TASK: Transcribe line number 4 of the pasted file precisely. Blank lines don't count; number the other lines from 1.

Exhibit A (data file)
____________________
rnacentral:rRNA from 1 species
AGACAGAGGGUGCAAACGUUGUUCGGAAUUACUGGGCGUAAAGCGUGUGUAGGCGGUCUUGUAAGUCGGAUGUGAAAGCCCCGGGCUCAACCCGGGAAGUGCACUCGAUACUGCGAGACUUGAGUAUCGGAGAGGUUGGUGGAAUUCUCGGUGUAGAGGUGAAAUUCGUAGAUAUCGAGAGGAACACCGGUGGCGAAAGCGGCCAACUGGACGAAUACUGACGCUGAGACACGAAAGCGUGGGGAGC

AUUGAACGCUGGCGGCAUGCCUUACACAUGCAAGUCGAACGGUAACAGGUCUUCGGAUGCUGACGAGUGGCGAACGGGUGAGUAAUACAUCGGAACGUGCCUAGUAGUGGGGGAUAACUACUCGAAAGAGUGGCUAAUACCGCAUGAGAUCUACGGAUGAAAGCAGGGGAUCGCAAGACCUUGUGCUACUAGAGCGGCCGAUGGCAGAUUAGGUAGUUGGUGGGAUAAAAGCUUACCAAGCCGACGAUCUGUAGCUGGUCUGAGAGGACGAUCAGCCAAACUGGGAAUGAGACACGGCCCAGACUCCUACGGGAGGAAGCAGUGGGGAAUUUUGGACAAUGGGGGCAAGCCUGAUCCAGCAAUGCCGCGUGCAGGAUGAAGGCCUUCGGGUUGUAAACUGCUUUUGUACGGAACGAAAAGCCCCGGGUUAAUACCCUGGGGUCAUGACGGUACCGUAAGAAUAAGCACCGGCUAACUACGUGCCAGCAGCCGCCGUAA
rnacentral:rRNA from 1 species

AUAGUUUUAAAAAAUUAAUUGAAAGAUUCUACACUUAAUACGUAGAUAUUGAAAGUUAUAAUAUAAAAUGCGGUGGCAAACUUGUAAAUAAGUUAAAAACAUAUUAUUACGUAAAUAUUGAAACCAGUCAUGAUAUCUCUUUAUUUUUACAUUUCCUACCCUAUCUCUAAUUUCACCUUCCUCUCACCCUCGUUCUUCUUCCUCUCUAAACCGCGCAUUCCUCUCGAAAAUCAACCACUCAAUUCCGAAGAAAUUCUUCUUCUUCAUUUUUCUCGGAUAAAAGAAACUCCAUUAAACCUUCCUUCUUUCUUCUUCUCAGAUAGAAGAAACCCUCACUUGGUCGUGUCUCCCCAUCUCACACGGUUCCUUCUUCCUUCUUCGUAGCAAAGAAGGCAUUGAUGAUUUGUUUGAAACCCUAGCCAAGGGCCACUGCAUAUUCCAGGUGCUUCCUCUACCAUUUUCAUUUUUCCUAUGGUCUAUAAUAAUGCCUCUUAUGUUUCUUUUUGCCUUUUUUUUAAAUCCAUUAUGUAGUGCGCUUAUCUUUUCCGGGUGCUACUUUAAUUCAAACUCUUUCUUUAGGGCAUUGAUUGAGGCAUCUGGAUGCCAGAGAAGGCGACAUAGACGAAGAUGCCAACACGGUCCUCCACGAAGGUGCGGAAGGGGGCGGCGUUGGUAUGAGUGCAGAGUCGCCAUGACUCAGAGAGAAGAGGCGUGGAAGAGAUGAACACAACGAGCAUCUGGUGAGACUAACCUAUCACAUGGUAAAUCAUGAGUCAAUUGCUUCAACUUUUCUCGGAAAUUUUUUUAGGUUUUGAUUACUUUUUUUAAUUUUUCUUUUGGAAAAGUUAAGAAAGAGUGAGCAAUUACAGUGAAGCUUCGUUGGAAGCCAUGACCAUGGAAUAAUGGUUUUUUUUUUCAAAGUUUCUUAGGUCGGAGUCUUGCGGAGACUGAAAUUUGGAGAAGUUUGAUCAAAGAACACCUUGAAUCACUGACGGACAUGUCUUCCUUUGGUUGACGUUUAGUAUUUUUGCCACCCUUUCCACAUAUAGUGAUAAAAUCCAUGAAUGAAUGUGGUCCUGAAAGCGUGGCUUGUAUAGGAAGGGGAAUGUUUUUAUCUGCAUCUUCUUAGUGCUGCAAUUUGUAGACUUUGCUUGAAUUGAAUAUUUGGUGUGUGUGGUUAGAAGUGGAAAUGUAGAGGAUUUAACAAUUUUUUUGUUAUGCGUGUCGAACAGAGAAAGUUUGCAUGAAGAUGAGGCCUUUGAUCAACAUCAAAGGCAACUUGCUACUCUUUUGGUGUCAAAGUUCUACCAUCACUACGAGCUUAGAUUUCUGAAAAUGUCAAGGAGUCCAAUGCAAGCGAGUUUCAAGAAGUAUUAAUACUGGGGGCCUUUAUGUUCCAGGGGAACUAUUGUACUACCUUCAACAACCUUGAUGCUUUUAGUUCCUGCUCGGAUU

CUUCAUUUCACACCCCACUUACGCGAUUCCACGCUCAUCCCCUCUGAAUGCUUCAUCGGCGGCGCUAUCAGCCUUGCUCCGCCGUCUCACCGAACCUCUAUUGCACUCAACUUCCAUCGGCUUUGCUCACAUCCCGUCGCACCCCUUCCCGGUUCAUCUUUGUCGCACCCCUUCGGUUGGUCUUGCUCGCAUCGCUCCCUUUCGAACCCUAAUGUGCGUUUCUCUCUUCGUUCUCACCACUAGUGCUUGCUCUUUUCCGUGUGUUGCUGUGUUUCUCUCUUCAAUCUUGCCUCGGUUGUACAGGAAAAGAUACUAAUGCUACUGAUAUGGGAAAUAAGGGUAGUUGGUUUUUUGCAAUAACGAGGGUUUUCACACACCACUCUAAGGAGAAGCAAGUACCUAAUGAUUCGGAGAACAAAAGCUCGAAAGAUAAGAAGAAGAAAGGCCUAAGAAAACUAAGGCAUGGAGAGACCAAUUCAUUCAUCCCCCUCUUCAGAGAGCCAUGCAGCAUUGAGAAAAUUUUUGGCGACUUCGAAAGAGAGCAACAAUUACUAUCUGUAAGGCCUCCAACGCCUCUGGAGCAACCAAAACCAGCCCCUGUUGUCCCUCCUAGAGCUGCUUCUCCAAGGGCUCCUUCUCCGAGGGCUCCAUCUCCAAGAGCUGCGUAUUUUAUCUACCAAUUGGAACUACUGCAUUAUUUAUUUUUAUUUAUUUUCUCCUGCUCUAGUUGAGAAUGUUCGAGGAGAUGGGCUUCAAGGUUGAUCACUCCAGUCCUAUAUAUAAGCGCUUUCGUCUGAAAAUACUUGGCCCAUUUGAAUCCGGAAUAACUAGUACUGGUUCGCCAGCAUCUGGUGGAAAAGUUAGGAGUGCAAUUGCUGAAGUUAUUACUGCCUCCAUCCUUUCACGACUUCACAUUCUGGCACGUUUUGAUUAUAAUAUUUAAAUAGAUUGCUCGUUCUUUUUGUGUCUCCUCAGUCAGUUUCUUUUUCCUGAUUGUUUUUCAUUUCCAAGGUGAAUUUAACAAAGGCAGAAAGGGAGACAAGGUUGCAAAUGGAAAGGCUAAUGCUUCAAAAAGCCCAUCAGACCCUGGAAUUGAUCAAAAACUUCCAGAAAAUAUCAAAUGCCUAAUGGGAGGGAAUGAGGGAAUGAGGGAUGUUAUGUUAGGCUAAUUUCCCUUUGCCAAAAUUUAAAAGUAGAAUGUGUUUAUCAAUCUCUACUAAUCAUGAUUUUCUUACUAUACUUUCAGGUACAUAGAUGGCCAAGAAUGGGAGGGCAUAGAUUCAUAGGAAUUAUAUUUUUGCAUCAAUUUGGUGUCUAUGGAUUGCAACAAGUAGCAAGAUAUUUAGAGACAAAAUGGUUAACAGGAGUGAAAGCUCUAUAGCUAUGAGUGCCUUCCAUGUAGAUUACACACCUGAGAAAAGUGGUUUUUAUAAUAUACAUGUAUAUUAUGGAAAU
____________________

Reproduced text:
rnacentral:rRNA from 1 species